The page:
Nathan Coley, on the other hand, makes dense, complex work that can speak for itself. His room is blocked at both ends by two threshold sculptures, oak beams that hinder the gallery-goer’s progress. When last seen at Coley’s solo show at doggerfisher, the threshold sculpture was slight and sly, a quiet suggestion to consider the space between spaces. Here, he’s beefed up the beams, so that they shout out an announcement that visitors are entering his gallery, an oddly aggressive gesture, undermined rather by the gallery attendants constant requests that visitors mind their step. There Will Be No Miracles Here, first seen on the Isle of Bute, is also transformed by this new context. The weak glow of the sculpture’s gaudy fairground lights have taken on a deflated, sad air, offering a wry commentary on the Turner Prize competition, alongside the piece’s existing associations. (The text is clipped from a 17h Century proclamation that ends ‘…by order of the King’, a curious clash between church and state). Hope and Glory is another text made flesh, this time applying the patriotic English song to a model of a lowly terraced house, signs of its making still present on the surface, in stark contrast to the heavy metal plinth on which it sits. This is a distinctly ambiguous, ambivalent piece, and Coley, with typical economy, invites the viewer to tease out possible meaning - is it a denial of jingoistic bluster, or a tribute to honest patriotic feeling? Both, and a lot more besides.
Finally, Zarina Bhimji’s photographs explore scenes of conflict in East Africa, hinting at horrors unseen. Illegal Sleep shows rifles leaning against a wall, and it takes a moment for their pleasing arrangement to fade, their true purpose becoming clear. Similarly, it is the childish drawings scratched into the wall seen in Echo that draw the eye, only for a graffito that echoes Coley’s work hoves into view: ‘The man which come from Congo should be killed by the order of the army’. Bhimji’s film Waiting closes the show, and here she turns away from conflict to closely examine a single place, a Sisal processing factory. The camera pans slowly, lovingly, over dillapidated corridors, drying machines, and dusty cobwebs, never quite revealing the building’s purpose, revelling instead in its atmosphere.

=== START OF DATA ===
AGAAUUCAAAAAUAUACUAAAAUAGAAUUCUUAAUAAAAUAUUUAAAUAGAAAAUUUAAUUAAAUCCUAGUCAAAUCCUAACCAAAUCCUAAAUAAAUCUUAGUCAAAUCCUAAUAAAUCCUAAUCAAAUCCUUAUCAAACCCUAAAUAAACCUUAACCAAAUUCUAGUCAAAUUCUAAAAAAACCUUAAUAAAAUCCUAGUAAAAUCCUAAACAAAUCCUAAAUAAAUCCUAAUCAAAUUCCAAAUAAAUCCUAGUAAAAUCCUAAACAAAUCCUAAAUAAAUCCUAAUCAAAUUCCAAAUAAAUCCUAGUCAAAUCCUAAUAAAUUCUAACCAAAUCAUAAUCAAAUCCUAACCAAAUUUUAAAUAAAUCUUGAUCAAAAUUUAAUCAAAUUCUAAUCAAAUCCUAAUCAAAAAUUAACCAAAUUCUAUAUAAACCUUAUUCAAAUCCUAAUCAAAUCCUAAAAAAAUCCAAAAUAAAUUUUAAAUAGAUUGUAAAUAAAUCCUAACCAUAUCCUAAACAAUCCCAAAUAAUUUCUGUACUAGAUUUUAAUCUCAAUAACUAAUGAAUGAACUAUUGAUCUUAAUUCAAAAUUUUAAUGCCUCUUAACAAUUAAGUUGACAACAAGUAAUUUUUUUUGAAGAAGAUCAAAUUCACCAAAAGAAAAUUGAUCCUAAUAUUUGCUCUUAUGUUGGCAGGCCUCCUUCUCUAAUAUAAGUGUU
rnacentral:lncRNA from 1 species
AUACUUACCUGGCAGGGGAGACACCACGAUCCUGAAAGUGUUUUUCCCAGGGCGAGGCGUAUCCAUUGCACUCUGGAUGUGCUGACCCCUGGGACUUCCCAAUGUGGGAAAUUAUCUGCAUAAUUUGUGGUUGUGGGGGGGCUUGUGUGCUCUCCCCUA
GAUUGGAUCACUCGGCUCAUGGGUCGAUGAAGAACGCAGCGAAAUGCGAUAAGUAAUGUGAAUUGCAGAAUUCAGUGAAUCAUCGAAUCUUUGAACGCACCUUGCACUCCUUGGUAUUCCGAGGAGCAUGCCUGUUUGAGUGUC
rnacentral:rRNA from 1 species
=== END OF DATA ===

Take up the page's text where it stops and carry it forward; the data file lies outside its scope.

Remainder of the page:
So, who will win, and who should? For some reason, Wallinger is seen as a dead cert by bookies and critics alike, but compared to the other three, his work is weak, insubstantial and eminently forgettable. Just like last year’s winner, Tomma Abts. If the public had a vote, and the prize was judged on this exhibition (they don’t and it isn’t) Mike Nelson would be a shoe-in: on my visit, the Amnesiac Shrine was met with squeals of delight and vigourous debate, with visitors lingering longest in his space. Nelson, who, like Wallinger has been nominated before, would be a deserving winner. And so would Coley and Bhimji. Though their reputations in the art world haven’t reached the giddy heights of Nelson and Wallinger, both have forged rich practices, and it is their installations that linger in the memory, offering much to mull over after leaving the gallery.
Whoever takes the prize on December 3rd, the show is well worth the trip South. For once, it has the feel of a true group exhibition, with deep connections between the four selected artists, all in a city that suits them well.
This review was first published in The Herald on October 26th, 2007.